The National Defense Authorization Act for Fiscal Year 2023 sent to President Biden for his signature on December 16, 2022 contains a major expansion of the Capital Construction Fund vessel tax deferral program designed to help finance the construction of vessels in the United States.

The National Defense Authorization Act for Fiscal Year 2023 sent to President Biden for his signature on December 16, 2022, contains a major expansion of the Capital Construction Fund (CCF) vessel tax deferral program designed to help finance the construction of vessels in the United States.

The CCF program, jointly overseen by the U.S. Maritime Administration and the Internal Revenue Service, permits taxpayers to defer paying taxes on qualified earnings provided they are invested ultimately in the construction or reconstruction of a vessel in the United States.  MARAD enters into Capital Construction Fund Agreements with persons who meet program conditions and who then can deposit earnings in an account which in turn is not taxed.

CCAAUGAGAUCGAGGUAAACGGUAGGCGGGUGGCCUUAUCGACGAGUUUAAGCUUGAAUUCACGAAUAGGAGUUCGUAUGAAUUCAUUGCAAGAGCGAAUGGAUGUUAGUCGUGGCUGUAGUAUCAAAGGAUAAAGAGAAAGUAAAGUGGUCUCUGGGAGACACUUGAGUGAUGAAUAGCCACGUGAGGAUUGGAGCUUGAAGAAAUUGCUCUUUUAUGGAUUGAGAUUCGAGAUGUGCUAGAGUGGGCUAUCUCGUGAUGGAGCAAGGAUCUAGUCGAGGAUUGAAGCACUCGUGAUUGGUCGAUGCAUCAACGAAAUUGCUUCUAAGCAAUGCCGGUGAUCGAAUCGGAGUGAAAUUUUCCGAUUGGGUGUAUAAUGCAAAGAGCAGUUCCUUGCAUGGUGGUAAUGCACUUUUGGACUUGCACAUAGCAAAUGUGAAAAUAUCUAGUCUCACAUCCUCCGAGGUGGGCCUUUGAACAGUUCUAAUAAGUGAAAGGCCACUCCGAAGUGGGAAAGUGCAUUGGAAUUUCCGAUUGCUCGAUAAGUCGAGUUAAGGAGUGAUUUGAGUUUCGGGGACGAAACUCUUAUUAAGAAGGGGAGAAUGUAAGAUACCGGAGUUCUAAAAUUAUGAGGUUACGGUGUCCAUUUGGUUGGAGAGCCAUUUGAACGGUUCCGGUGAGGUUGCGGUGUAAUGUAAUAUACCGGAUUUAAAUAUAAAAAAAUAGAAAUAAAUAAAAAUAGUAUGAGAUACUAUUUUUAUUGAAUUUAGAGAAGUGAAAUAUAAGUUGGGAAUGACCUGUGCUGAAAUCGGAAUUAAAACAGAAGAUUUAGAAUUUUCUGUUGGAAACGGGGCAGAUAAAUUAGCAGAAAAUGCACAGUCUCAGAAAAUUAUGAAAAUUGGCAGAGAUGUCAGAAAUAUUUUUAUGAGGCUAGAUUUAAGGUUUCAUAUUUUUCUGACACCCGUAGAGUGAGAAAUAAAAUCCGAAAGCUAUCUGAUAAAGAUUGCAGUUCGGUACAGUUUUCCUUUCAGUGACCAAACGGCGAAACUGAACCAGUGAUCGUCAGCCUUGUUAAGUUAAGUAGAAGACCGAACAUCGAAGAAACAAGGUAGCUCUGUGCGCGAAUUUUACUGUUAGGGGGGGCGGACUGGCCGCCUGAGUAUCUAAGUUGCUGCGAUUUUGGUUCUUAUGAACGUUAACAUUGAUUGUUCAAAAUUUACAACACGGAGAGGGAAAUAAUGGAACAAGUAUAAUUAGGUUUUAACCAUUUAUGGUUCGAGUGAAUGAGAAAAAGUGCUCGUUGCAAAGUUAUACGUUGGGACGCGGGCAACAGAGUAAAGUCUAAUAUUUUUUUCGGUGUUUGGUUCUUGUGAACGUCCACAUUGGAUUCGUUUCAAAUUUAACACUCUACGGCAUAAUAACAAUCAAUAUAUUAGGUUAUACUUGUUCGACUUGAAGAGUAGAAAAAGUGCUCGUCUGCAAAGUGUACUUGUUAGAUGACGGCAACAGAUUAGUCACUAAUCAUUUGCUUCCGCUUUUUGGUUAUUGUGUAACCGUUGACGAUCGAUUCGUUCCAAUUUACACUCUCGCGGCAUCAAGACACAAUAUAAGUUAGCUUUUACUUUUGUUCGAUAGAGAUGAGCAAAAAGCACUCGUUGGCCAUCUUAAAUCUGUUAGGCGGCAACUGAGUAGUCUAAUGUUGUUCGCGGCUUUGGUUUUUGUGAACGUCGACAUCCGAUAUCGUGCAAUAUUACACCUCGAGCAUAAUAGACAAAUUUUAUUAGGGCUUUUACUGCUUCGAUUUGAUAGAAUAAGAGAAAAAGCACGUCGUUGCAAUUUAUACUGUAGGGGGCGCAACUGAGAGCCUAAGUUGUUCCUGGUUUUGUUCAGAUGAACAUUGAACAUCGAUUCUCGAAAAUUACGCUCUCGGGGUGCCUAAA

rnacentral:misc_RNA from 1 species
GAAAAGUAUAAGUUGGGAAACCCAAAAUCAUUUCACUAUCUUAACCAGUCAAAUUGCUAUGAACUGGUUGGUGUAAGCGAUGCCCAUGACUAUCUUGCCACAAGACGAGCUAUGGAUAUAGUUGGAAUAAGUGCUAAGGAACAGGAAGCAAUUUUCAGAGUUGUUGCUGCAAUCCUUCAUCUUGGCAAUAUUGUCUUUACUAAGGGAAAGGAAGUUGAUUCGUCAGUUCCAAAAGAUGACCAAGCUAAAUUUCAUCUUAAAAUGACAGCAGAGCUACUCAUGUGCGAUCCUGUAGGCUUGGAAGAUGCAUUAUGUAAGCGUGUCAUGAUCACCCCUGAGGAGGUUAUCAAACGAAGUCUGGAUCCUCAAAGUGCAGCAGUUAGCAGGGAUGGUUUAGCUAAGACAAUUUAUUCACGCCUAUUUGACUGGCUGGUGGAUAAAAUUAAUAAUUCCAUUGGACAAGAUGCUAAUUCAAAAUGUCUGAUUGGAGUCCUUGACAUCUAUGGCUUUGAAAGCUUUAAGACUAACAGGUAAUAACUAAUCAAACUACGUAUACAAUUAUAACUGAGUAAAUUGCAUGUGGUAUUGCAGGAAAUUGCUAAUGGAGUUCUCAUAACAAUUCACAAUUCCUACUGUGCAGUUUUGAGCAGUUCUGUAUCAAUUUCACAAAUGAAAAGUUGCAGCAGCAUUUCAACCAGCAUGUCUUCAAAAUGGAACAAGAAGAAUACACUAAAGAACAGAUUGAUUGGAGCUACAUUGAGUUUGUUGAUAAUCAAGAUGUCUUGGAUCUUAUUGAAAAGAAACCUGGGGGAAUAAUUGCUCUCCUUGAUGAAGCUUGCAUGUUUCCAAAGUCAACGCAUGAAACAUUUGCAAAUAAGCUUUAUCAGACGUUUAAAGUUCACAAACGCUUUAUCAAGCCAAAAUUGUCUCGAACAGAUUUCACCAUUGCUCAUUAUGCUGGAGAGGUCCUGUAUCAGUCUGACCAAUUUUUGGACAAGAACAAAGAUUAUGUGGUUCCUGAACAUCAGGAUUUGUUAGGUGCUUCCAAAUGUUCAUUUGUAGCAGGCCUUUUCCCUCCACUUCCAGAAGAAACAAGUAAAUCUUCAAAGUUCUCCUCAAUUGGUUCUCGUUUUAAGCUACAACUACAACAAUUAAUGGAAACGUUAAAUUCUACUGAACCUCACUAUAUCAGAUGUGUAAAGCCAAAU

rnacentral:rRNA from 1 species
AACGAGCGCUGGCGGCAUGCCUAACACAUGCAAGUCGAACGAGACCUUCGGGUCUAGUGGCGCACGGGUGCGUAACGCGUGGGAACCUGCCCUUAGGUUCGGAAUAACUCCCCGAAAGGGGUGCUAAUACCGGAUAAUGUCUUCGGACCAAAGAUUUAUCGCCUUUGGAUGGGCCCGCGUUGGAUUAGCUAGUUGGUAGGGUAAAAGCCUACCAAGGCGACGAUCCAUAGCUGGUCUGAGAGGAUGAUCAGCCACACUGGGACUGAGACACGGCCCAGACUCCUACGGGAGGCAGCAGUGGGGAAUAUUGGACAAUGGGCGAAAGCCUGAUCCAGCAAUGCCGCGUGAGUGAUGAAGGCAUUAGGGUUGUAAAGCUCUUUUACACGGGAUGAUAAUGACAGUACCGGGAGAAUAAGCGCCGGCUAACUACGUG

Once a vessel is constructed, the depreciable basis is reduced to the extent of tax-deferred earnings used to finance the vessel’s construction.  Likened to a “401(K) for shipowners,” CCF is particularly useful for companies expanding or replacing their fleet of vessels. 

Until the enactment of the NDAA ’23, the program was not available to vessels engaged in the direct domestic trade. Only vessels engaged in the U.S. foreign trade or in the non-contiguous domestic trade currently qualify including vessels serving the offshore oil and gas industry.  The NDAA ’23 expands that qualification to include vessels in “domestic trade” which appears to include vessels such as inland tugs and barges, harbor tugs, and other vessels engaged in the contiguous U.S. domestic maritime trade.

The provision started out in early 2022 as an expansion to cover certain domestic ferries. The further expansion to cover the contiguous domestic trade occurred without fanfare or explanation as that proposal was modified for inclusion in the NDAA’23. 

The provision itself does not contain an effective date which means that it is likely to apply going forward from the date President Biden signs the legislation.  It is not clear how MARAD will account for the change in its regulations and in all of the pre-existing CCF Agreements which contain penalties for any CCF-constructed vessel operating in the contiguous domestic trade.